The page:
Taking in a temporary feathered friend is a wonderful way to help parrots and it doesn? have to be a major hassle. With a little bit of planning and thought, you can ensure that a parrot adjusts to its new surrounding and is prepared for a great new future life.
Getting Set Up Before Your Foster Parrot Moves In
Think through everything you can before your foster parrot moves into your home. The parrot should have been examined by an avian veterinarian and hopefully gone through a quarantine period if you have other birds in your home. In fairness, your parrots should be up-to-date on their annual examinations as well. That way you can be certain that there are no contagious disease issues.
If the parrot is coming with a bird cage, perches and toys, examine his living arrangements. Make sure that the cage is large enough for the bird. Check that perches and toys are appropriate to his size and placed to give the parrot plenty of room, options, and are safe.
Decide where in the house your foster parrot is going to live or at least where he will settle in to start. Hopefully, you?e learned about the parrot? personality and challenges. If the parrot is nervous around new people and activity, then you may want to start the bird in a quieter room and move him into a more active area of the house later.
Integrating Your New Flock Member
Don? assume that your foster parrot is immediately going to be comfortable with everyone in the house or even the normal routines. If you are mindful of anything that might make your new flock member nervous and make an effort to introduce new experiences slowly, the parrot will adjust and learn quickly.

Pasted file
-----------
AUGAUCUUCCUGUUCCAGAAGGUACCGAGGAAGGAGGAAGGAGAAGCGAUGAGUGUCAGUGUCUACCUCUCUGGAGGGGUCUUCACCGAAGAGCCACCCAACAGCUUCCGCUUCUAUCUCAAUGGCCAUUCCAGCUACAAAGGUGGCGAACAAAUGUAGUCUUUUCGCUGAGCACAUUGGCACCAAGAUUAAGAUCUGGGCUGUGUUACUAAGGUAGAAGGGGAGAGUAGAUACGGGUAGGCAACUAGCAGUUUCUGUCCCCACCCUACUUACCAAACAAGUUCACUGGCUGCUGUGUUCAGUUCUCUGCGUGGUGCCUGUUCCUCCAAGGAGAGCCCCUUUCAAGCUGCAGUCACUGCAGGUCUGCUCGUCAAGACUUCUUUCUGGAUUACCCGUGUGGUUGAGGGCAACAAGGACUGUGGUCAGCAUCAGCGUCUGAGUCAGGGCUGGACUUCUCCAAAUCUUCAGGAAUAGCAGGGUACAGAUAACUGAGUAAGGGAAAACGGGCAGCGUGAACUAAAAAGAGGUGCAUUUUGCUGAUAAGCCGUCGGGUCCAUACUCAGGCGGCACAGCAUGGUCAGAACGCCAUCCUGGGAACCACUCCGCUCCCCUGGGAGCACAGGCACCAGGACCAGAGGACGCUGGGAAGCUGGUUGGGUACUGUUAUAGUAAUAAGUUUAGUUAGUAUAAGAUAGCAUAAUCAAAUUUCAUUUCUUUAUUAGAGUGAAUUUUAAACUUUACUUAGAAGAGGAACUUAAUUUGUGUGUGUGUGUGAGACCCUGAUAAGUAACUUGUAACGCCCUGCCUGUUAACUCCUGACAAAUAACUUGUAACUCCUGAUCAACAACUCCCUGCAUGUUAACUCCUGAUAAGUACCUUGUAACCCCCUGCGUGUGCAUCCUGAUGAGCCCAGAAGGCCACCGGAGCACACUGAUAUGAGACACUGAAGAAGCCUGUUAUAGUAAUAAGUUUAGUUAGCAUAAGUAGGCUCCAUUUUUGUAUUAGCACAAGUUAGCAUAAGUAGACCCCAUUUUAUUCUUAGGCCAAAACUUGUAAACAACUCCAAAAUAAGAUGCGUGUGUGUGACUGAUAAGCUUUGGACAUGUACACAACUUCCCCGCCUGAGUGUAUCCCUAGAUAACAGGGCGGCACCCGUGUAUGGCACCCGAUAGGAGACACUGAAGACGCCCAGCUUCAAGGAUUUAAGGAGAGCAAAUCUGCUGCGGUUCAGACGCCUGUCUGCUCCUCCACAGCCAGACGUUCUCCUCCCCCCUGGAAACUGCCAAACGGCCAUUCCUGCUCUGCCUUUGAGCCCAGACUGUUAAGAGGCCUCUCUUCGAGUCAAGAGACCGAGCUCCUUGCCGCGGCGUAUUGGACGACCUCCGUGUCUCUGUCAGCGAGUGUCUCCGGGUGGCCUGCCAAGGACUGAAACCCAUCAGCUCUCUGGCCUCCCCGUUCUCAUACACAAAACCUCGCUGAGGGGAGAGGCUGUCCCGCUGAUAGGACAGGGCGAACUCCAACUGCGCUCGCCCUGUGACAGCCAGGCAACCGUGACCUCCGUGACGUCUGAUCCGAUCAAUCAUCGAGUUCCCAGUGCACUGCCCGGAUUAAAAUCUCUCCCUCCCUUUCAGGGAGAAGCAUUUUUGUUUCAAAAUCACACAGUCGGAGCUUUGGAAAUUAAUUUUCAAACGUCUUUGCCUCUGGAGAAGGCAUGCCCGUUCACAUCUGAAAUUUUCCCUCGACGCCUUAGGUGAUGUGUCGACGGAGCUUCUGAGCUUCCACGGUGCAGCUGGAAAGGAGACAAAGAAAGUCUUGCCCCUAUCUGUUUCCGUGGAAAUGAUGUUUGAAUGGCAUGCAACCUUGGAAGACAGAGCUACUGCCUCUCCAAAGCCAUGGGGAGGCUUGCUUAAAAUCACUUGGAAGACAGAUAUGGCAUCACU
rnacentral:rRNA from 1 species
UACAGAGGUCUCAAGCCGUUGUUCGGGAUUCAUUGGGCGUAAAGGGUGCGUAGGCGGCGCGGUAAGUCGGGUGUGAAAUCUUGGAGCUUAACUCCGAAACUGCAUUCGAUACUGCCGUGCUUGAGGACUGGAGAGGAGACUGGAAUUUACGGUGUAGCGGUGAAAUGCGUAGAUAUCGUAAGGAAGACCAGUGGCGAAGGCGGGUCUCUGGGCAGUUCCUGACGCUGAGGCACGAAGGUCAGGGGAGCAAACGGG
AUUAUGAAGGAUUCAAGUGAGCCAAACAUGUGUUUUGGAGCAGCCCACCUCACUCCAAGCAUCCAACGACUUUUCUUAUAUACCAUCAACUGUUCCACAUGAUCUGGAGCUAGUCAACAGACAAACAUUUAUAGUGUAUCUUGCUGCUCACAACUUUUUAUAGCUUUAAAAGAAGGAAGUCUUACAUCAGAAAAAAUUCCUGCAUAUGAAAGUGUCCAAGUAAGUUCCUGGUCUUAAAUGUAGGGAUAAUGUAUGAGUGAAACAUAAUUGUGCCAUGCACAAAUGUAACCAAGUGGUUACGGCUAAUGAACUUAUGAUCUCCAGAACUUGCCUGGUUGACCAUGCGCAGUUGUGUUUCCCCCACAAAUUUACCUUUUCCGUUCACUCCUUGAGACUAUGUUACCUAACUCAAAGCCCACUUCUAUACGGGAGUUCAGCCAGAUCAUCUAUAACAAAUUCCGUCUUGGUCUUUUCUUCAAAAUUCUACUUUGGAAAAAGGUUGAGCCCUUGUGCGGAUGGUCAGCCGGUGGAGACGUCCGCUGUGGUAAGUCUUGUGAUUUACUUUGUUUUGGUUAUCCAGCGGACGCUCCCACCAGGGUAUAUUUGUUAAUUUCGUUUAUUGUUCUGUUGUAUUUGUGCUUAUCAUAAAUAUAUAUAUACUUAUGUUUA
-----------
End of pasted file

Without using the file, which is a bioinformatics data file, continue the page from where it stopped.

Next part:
Make an effort to desensitize your foster parrot to anything that makes it nervous. If your parrot shies away from new toys, the vacuum cleaner, other pets, or anything else, work to make the experience a positive interaction. Slowly introduce the offending item or new friend at a distance, getting him closer over time as the parrot stops reacting adversely toward him.
If there are people the parrot is not comfortable with immediately, don? force the foster parrot to interact with them. Have the person give the parrot an occasional treat and only interact with the bird when he is showing signs of interest and comfort. This could be walking over to see the person without showing aggression or even vocalizing to get the person? attention. It is much easier to build a brand new positive relationship with a parrot than it is to undo a negative relationship.
Adjusting For A Happy Healthy Parrot
It isn? unusual for a parrot to happily integrate into a new household with no fear or aggression. If your new foster parrot settles in immediately, awesome! You can jump right into making sure your foster friend is willing to eat a wide variety of healthy foods, will play with new toys and interacts with people in a positive manner.
Frequently, foster parrots come from homes where they did not have a diverse diet or a variety of enrichment opportunities. Work toward getting your parrot to try to new foods and eat healthy. If you have parrots that are already eating fresh fruits and vegetables, nuts, and a healthy pre-made diet, you may be in luck. Some parrots learn from just watching new flock mates eat interesting things. This is true of playing with toys as well.
If your foster parrot turns up his beak at new foods and ignores toys, then you may have to get inventive. A little bit of training can go a long way. Teach your foster parrot to step up, to target or some other simple behaviors. Once your new friend “learns to learn?he will be more open to trying out treats you give it or playing with new toys you have used in training.
A parrot that settles into a foster home quickly and learns to engage with healthy foods and his environment is well on his way to being a well-adjusted and healthy parrot in his adoptive home. Plus your foster friend will help you hone your training skills and teach you as well. It? a win-win situation for everyone!
Previous: How To Choose The Right Foster Bird